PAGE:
Over the next few months we will be checking in with chef Sean Brock and the staff of Husk Nashville as he readies the opening of that city’s most-anticipated new restaurant in years.
Charleston chef Sean Brock first made culinary waves at Nashville’s Capitol Grille, where he served as executive chef from 2003 until 2006. It was there that he first began to experiment with some of the cutting edge molecular gastronomy techniques that became the backbone of the menu at McCrady’s, his bold entrée into the Charleston dining scene. This was followed by the opening of Husk, Brock’s homage to Southern ingredients and the traditional dishes that are part of the DNA of both rural and urban diners in the region.
Husk was met with immediate acclaim and was named Best New Restaurant in the United States by Bon Appétit in 2011. Last October, Brock announced that he was bringing Husk and his celebration of Southern food to Nashville as part of an expansion by the Neighborhood Dining Group into the Music City. The new restaurant will be located, ironically, in the empty husk of a small mansion that previously housed Andrew Chadwick’s, another Nashville restaurant that leaned on foams and hi-tech methods to impress patrons. Husk is decidedly not dependent on these modern tricks, but instead focuses on glorifying local ingredients and the farmers and purveyors who provide them.
Brock is really excited to be returning to Nashville. “This city is just such an exciting place to come eat, and a perfect locale for the Husk concept,” he says. “It’s a study of culture through food, and Nashville is full of inspirations. While Charleston is seafood-driven, here it will be even more about the vegetables. The Farmers’ Market here is amazing, and I already have connections with the farmers.”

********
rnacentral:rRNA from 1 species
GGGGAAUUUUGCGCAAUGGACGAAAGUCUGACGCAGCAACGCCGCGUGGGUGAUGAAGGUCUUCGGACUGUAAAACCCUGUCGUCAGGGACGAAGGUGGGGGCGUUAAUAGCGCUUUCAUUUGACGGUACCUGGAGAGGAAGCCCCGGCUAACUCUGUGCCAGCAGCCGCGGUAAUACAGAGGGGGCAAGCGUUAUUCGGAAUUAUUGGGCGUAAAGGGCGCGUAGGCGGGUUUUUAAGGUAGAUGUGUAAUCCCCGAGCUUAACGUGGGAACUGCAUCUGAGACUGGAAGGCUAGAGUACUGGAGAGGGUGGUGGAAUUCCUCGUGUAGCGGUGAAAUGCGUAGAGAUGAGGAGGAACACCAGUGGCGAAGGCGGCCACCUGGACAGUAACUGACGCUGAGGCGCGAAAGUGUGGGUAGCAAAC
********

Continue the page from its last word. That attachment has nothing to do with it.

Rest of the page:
As Brock makes plans to return to the site of some of his earliest successes, he has graciously granted Food Republic behind-the-scenes access of the process of replicating Husk in Nashville. He won’t be taking on the daunting task by himself though. We’ll also find out the secrets behind site selection, staffing decisions, creating new relationships with local purveyors and creating a food and drink menu that reflects the distinctly local terroir of Nashville from Brock and two of his compatriots.
Dan Latimer was the original GM at Husk in Charleston, and will be intimately involved in the creation of the vibe at the new location and the hiring and training of the staff. British chef/entrepreneur David Howard is the president of the Neighborhood Dining Group, which includes both Husks, McCrady’s, Queen Anne’s Revenge on Daniel Island near Charleston and Chicago’s Steak and Seafood in Atlanta. Howard represents the investors’ financial interest and also brings his years of industry experience and passion for the culinary arts to the table.
This is the same team that opened Husk two years ago, and Howard wouldn’t have it any other way. “Would I do this with a different chef and group of investors? No. I couldn’t do this with a stranger. I have great confidence in Sean and Dan.”
Latimer agrees. “We’re in business together, but friends first. Our relationship bleeds into everything we do. It’s what drives us.” Brock adds, “Everybody brings something to the table, and that makes our individual jobs easier.”
Stay tuned to this space as we share the trials and tribulations, as well as the surprises and successes involved in opening a new restaurant over 500 miles away from home. If history is any indicator, Brock should take Nashville on a wild ride. “I just like hanging out in this town.”
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